Logic, Clarity, and Grammar

Writing Fundamentals: Logic, Clarity, and Grammar

This seminar can be offered as a single one-day program (six hours) or as two half-day programs (three hours each).

Ensure that your writing is clear, logical, and grammatically correct by avoiding some of the most common errors. Avoid ambiguity and make sure your words convey precisely the message you intend to convey.

Pronoun Confusion: Choosing the appropriate pronoun can be difficult. We will address these and other pronoun case issues, providing simple explanations and fail-safe tricks of the trade.

  • Confusion between I and me: Should the conversation be kept between my client and I or between my client and me? Did she give the summaries to Tom and I or Tom and me?
  • Pronoun confusion in comparisons: Is Ms. Jones more efficient than him or than he?
  • Confusion between who and whom: Should we write that the judge will sentence whoever or whomever the jury finds guilty?
  • Appropriate situations in which to use reflexive pronouns: Can we write, “Please give the information to Mr. Smith and myself”?

Agreement Issues: We will review rules governing difficult subject-verb and pronoun-antecedent situations:

  • Do collective nouns such as group, team, and committee take singular or plural verbs and pronouns?
  • Should we write, “She is one of the women who is assigned to the case” or “who are assigned to the case”?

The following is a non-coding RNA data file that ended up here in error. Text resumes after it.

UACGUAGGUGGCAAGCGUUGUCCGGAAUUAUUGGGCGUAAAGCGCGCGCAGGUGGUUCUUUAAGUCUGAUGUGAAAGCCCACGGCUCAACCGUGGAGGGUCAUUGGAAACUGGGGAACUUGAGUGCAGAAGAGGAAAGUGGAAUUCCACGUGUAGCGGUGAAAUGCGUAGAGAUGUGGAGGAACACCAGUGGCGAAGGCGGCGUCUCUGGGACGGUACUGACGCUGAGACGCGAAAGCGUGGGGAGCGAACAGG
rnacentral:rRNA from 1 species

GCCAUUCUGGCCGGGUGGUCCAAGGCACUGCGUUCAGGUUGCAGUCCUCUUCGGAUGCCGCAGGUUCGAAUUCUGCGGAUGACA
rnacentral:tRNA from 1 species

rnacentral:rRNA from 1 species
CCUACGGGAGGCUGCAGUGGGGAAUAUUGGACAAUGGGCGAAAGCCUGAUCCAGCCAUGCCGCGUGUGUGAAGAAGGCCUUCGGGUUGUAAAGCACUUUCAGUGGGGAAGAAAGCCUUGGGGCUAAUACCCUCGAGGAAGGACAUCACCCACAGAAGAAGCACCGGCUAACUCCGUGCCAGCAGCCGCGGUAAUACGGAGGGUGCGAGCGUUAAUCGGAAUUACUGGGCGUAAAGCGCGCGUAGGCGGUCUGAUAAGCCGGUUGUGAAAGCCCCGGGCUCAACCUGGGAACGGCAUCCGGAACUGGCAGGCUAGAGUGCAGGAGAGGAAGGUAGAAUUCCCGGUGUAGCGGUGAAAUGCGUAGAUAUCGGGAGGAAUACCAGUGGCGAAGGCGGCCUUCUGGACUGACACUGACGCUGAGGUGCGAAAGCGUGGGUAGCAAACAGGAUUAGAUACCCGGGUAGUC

• How can we avoid awkward constructions such as his/her or his and hers?
  • How can we make verbs and pronouns agree with either and neither (“Neither of the respondents is or are liable for the plaintiff’s economic losses.”).

Misplaced and Dangling Modifiers and Other Illogical Constructions: We will focus on the careful placement of modifying words, phrases, and clauses and raise awareness of the need for precision in professional writing. In addition, we will addresses the problem of redundancies and other errors in logic:

  • Should we write “The corporation only grossed $3 million this year” or “The corporation grossed only $3 million this year”?
  • Can we write “Driving home from the office, the car swerved out of control”?
  • What is wrong with road signs that say “Prepare to stop when flashing”?
  • Is it acceptable to write about “advance reservations,” “underage minors,” or “free gifts”?
  • Can e.g. and etc. appear in the same parenthetical expression?

Word Confusion: Our lexicon changes constantly. We will review a number of words that writers often confuse or misuse. Here are some examples:

  • insure, ensure, and assure
  • anxious and eager
  • effect and affect
  • bimonthly and semimonthly
  • farther and further
  • like and as
  • disinterested and uninterested
  • infer and imply
  • lay and lie

Contact us for more information or to schedule a class.